After the abysmal May/Hammond interlude is over, hopefully some time between October 2018 — July 2019, its replacement will need to change course on almost every front from the NHS to how SW1 pours billions into the greedy paws of corporate looters via its appallingly managed >£200 BILLION annual contracting/procurement budget — ‘there’s no money’ bleats most of SW1 as it unthinkingly shovels it at the demimonde of Carillion/BaE-like companies that prop up its MPs with donations.

May’s replacement could decide to take seriously the economic and technological forces changing the world. The UK could, with a very different vision of the future to anything now proposed in Whitehall, improve its own security and prosperity and help the world but this will require 1) substantially changing the wiring of power in Whitehall so decisions are better (new people, training, ideas, tools, and institutions), and 2) making scientific research and technology projects important at the apex of power. We could build real assets with much greater real influence than the chimerical ‘influence’ in Brussels meeting rooms that SW1 has used as an excuse to give away power to Brussels where thinking is much closer to the 1970s than to today’s coastal China or Silicon Valley. Brushing aside Corbyn would be child’s play for a government that could focus on important questions and took project management — an undiscussable subject in SW1 — seriously.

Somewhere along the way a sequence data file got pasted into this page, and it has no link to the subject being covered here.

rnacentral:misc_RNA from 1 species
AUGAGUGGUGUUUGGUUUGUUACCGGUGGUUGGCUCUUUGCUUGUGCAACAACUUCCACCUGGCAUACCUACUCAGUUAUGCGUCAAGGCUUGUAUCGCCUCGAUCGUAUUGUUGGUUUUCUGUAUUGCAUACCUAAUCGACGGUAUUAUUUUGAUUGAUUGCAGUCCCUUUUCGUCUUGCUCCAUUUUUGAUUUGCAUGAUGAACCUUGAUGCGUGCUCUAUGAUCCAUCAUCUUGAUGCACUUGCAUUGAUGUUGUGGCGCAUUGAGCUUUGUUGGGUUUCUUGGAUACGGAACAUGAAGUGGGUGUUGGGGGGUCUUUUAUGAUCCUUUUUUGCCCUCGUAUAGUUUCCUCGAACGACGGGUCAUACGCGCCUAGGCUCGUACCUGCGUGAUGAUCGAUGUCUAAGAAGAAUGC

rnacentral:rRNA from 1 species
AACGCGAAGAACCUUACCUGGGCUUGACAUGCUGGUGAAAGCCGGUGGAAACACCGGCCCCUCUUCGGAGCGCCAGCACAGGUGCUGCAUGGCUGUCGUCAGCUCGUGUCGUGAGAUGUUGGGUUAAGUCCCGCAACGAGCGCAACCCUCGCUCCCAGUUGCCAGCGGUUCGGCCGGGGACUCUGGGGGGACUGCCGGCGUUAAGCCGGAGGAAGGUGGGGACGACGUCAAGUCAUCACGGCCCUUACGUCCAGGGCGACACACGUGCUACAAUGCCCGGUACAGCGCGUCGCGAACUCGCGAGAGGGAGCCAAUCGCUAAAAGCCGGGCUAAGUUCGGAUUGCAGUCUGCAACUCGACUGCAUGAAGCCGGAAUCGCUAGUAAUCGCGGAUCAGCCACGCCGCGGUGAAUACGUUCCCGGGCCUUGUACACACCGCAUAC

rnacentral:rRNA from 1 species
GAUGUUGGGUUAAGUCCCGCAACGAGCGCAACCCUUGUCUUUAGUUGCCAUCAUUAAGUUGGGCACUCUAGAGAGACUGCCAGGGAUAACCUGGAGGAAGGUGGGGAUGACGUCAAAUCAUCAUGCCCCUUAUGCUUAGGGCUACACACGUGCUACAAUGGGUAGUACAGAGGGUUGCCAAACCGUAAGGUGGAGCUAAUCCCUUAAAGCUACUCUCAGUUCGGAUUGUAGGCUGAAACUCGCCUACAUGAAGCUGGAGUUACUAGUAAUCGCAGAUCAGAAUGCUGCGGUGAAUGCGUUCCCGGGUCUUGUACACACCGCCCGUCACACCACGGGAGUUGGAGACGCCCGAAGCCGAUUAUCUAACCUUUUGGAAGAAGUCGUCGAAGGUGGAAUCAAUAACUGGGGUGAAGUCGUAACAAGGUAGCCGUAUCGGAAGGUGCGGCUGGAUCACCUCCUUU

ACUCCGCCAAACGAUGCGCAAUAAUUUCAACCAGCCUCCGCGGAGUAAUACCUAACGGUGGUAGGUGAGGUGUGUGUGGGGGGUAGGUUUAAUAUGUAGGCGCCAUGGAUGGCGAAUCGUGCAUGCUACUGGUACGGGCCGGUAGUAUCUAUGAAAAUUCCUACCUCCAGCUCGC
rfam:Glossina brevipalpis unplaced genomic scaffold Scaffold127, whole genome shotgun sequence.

The whole country — the whole world — can see our rotten parties have failed us. The parties ally with the civil service to keep new ideas and people excluded. SW1 has tried to resist the revolutionary implications of the referendum but this resistance has to crack: one way or the other the old ways are doomed. The country voted for profound change in 2016. The Tories didn’t understand this hence, partly, the worst campaign in modern history. This dire Cabinet, doomed to merciless judgement in the history books, is visibly falling: let’s ‘push what is falling’…